So I did this call for papers and the call for papers ended up on Vegan Porn, which has nothing to do with porn but everything to do with veganism. The responses to that call for papers for this anthology created this space for me to really understand what was happening from a theoretical level looking at whiteness as theory and then looking at this — it goes on to the Vegan Porn site and a significant number of people responded negatively to the intentions of the Sistah Vegan project. There were people who responded to the call for papers saying that the use of “Sistah” or black English is very ignorant. Mostly white-identified vegans had problems with the fact that I was even looking at gender and looking at race. It was right there where I realized that just this call for papers to have these women come together and use creative writing as an avenue to look at how their lives have been shaped by not just racism and classism and sexism but also, by incorporating veganism into their life, was quite telling to me. So the Sistah Vegan project came out, and I got lots of positive feedback, despite my initial call for papers yielding those negative responses on Vegan Porn. It came out in 2010, which is about 4 years later, after those negative responses came, and it really opened up a whole new world for me to figure out how we can actually start exploring how oppressions are interconnected, especially looking at the lives of black women who up until the Sistah Vegan project, their voices were marginalized. And for the most part when we look at the vegan movement and we look at animal rights movement, animal compassion, collectively – when you look at that collectively, the themes that drive the movement is still very much assumed that people have this white middle-class post-racial relationship to their own identities as vegans – Sistah Vegan project came along and kind of shifted that and said, “Hey, wait. Race and gender do matter” and even if you’re not a self-proclaimed racist, most of you who do identify as white people benefit in a society that is structured around racial power dynamics in which whiteness or white people are privileged and at the bottom are usually black women and indigenous women. I thought that was an exciting venture for me.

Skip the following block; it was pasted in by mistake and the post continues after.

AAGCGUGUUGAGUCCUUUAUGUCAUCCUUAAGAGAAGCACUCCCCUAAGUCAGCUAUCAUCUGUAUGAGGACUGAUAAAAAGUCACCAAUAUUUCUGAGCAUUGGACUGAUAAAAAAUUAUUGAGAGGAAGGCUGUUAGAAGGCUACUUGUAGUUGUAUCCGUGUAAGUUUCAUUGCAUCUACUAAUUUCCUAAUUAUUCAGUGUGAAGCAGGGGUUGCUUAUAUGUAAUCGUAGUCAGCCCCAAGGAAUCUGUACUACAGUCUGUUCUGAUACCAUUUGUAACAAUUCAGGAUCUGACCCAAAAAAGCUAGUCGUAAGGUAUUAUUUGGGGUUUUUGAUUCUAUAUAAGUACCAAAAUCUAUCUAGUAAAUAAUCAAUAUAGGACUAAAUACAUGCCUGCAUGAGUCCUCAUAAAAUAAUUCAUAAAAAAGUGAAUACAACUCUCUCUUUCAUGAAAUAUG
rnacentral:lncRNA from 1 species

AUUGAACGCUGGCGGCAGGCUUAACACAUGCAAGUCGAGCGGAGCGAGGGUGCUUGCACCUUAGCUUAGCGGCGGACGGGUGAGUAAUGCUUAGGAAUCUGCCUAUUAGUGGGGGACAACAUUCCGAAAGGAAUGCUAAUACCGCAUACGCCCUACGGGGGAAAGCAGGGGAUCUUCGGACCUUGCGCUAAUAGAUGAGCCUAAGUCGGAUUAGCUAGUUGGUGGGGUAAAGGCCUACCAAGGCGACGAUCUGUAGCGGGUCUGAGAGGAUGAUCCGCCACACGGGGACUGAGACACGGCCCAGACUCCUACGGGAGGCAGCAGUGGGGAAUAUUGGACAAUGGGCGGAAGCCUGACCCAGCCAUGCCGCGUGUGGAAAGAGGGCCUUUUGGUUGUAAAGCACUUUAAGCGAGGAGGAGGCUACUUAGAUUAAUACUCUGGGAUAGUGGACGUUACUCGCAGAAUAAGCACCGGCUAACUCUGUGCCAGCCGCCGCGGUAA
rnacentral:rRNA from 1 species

So I’m in giving you this back with Sistah Vegan and how I am trying to integrate this concept, and taking all of these theories that I had been learning doing black feminism and then later being introduced to veganism and how I’m fusing this together. So I wanted to give you that preface. And kind of enter into what will be this new project that I’m talking about that I want to share with you. And I will give you ideas about how to use this concept of intersecting creative writing with activism and getting people to understand these intersections of oppressions.
So my new novel is called “Scars: A Black Lesbian Experience in Rural White New England”. It’s a social fiction. It’s actually based on my Masters thesis work and my Bachelor thesis work and a little bit of my Doctoral work which is basically looking at veganism and black feminism and looking at how whiteness and racism organize the lives of everyone who are primarily living in North America, whether you identify as white or not. My book “Scars” looks at what is it like to be born and raised and in rural white New England. I’m going to now refer to my paper and read to you how I am intersecting everything and this next photo you see, this is the cover art for the new book. That is the main character. “Scars” is a novel about whiteness, racism and breaking past the normative boundaries of heterosexuality as experienced through 18-year-old Savannah Penelope Sales. Savannah is a black girl, born and raised in a white working-class and rural New England town. She is in denial of her lesbian sexuality, harbors internalized racism about her body and is ashamed of being poor. She lives with her ailing mother whose emphysema is a symptom of a mysterious past of suffering and sacrifice that Savannah is not privy to. When Savannah takes her first trip to major metropolitan city for two days, she never imagines how it will affect her return back home to her mother, or her capacity to not only love herself but also those who she thought were her enemies.